Pod::Xhtml - Generate well-formed XHTML documents from POD format documentation
This module inherits from Pod::Parser, hence you can use this familiar interface:
use Pod::Xhtml; my $parser = new Pod::Xhtml; $parser->parse_from_file( $infile, $outfile ); # or use filehandles instead $parser->parse_from_filehandle($in_fh, $out_fh); # or get the XHTML as a scalar my $parsertoo = new Pod::Xhtml( StringMode => 1 ); $parsertoo->parse_from_file( $infile, $outfile ); my $xhtml = $parsertoo->asString; # or get a reference to the XHTML string my $xhtmlref = $parsertoo->asStringRef; # to parse some other pod file to another output file all you need to do is... $parser->parse_from_file( $anotherinfile, $anotheroutfile );
There are options specific to Pod::Xhtml that you can pass in at construction time, e.g.:
my $parser = new Pod::Xhtml(StringMode => 1, MakeIndex => 0);
Create a new object. Optionally pass in some options in the form
'new Pod::Xhtml( StringMode => 1);'
Read POD from the input file, output to the output file (or STDOUT if no file is given). See Pod::Parser docs for more. Note that you can parse multiple files with the same object. All your options will be preserved, as will any text you added with the add*Text methods.
Read POD from the input filehandle, output to the output filehandle (STDIN/STDOUT if no filehandle(s) given). See Pod::Parser docs for more. Note that you can parse multiple files with the same object. All your options will be preserved, as will any text you added with the add*Text methods.
Get the XHTML as a scalar. You'll probably want to use this with the StringMode option.
As above, but you get a reference to the string, not the string itself.
Inserts some text just before the closing head tag. For example you can add a link to a stylesheet. May be called many times to add lots of text. Note: you need to call this some time before any output is done, e.g. straight after new(). Make sure that you only insert valid XHTML fragments.
Inserts some text right at the beginning (or ending) of the body element. For example you can add a navigation header and footer. May be called many times to add lots of text. Note: you need to call this some time before any output is done, e.g. straight after new(). Make sure that you only insert valid XHTML fragments.
Default: 0. If set to 1 this does no output at all, even if filenames/handles are supplied. Use asString or asStringRef to access the text if you set this option.
Default: 1. If set to 1 then an index of sections is created at the top of the body. If set to 2 then the index includes non-bulleted list items
Default: 1. If set to 1 then some meta tags are created, recording things like input file, description, etc.
Default: 0. If 1, we only produce an XHTML fragment (suitable for use as a server-side include etc). There is no HEAD element nor any BODY or HTML tags. Any text added with the add*Text methods will not be output.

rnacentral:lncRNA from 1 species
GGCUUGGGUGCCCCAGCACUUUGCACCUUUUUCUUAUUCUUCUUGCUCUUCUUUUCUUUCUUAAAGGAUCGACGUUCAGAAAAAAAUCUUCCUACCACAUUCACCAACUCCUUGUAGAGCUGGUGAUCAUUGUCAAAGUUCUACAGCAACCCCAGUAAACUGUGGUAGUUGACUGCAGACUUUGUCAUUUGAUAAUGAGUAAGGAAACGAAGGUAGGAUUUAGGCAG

Allows you to set the starting heading level when in fragment mode. For example, if your document already has h1 tags and you want the generated POD to nest inside the outline, you can specify
TopHeading => 2
=head1 will be tagged with h2 tags,
=head3 with h3, and so on.
Note that XHTML doesn't allow for heading tags past h6, so h7 and up will be translated to h6 as necessary.
At each section head this text is added to provide a link back to the top. Set to 0 or '' to inhibit links, or define your own.
Default: <p><a href="#TOP" class="toplink">Top</a></p>
An object that parses links in the POD document. By default, this is a regular Pod::Hyperlink object. Any user-supplied link parser must conform the the Pod::Hyperlink API.
This module works with a Pod::Hyperlink::BounceURL link parser and generates hyperlinks as 'a' elements with a class of 'pod_xhtml_bounce_url'. The optional text giving the "node" is enclosed in a 'strong' element with a class of 'pod_xhtml_bounce_url_text'
There's Pod::PXML and Pod::XML, so why do we need Pod::Xhtml? You need an XSLT to transform XML into XHTML and many people don't have the time or inclination to do this. But they want to make sure that the pages they put on their web site are well-formed, they want those pages to use stylesheets easily, and possibly they want to squirt the XHTML through some kind of filter for more processing.
By generating well-formed XHTML straight away we allow anyone to just use the output files as-is. For those who want to use XML tools or transformations they can use the XHTML as a source, because it's a well-formed XML document.
This module outputs well-formed XHTML if the POD is well-formed. To check this you can use something like:
use Pod::Checker; my $syn = podchecker($defaultIn);
If $syn is 0 there are no syntax errors. If it's -1 then no POD was found. Any positive number indicates that that number of errors were found. If the input POD has errors then the output XHTML should be well-formed but will probably omit information, and in addition Pod::Xhtml will emit warnings. Note that Pod::Parser seems to be sensitive to the current setting of $/ so ensure it's the end-of-line character when the parsing is done.
P Kent & Simon Flack <cpan _at_ bbc _dot_ co _dot_ uk>
(c) BBC 2004, 2005. This program is free software; you can redistribute it and/or modify it under the GNU GPL.
See the file COPYING in this distribution, or http://www.gnu.org/licenses/gpl.txt